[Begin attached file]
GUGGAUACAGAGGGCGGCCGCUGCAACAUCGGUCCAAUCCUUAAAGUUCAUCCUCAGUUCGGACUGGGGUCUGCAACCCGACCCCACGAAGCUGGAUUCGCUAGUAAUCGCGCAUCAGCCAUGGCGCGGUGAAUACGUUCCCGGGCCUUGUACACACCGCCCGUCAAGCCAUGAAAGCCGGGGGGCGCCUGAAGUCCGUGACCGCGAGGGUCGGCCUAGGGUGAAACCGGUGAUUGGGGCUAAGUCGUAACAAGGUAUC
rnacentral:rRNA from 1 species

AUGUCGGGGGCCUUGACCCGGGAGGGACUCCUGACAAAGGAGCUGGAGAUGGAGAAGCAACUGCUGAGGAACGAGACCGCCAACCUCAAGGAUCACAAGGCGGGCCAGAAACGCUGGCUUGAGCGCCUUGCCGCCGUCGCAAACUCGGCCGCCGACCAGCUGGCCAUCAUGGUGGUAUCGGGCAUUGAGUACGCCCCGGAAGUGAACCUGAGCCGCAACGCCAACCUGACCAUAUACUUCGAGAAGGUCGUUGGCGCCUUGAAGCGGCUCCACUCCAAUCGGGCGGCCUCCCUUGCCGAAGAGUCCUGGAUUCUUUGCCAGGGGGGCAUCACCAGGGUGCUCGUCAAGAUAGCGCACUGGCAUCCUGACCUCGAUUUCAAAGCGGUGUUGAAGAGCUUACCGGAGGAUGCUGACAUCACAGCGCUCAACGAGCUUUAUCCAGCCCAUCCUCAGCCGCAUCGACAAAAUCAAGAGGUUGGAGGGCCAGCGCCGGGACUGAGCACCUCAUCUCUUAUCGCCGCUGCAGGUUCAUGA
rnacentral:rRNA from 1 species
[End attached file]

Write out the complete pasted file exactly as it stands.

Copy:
GUGGAUACAGAGGGCGGCCGCUGCAACAUCGGUCCAAUCCUUAAAGUUCAUCCUCAGUUCGGACUGGGGUCUGCAACCCGACCCCACGAAGCUGGAUUCGCUAGUAAUCGCGCAUCAGCCAUGGCGCGGUGAAUACGUUCCCGGGCCUUGUACACACCGCCCGUCAAGCCAUGAAAGCCGGGGGGCGCCUGAAGUCCGUGACCGCGAGGGUCGGCCUAGGGUGAAACCGGUGAUUGGGGCUAAGUCGUAACAAGGUAUC
rnacentral:rRNA from 1 species

AUGUCGGGGGCCUUGACCCGGGAGGGACUCCUGACAAAGGAGCUGGAGAUGGAGAAGCAACUGCUGAGGAACGAGACCGCCAACCUCAAGGAUCACAAGGCGGGCCAGAAACGCUGGCUUGAGCGCCUUGCCGCCGUCGCAAACUCGGCCGCCGACCAGCUGGCCAUCAUGGUGGUAUCGGGCAUUGAGUACGCCCCGGAAGUGAACCUGAGCCGCAACGCCAACCUGACCAUAUACUUCGAGAAGGUCGUUGGCGCCUUGAAGCGGCUCCACUCCAAUCGGGCGGCCUCCCUUGCCGAAGAGUCCUGGAUUCUUUGCCAGGGGGGCAUCACCAGGGUGCUCGUCAAGAUAGCGCACUGGCAUCCUGACCUCGAUUUCAAAGCGGUGUUGAAGAGCUUACCGGAGGAUGCUGACAUCACAGCGCUCAACGAGCUUUAUCCAGCCCAUCCUCAGCCGCAUCGACAAAAUCAAGAGGUUGGAGGGCCAGCGCCGGGACUGAGCACCUCAUCUCUUAUCGCCGCUGCAGGUUCAUGA
rnacentral:rRNA from 1 species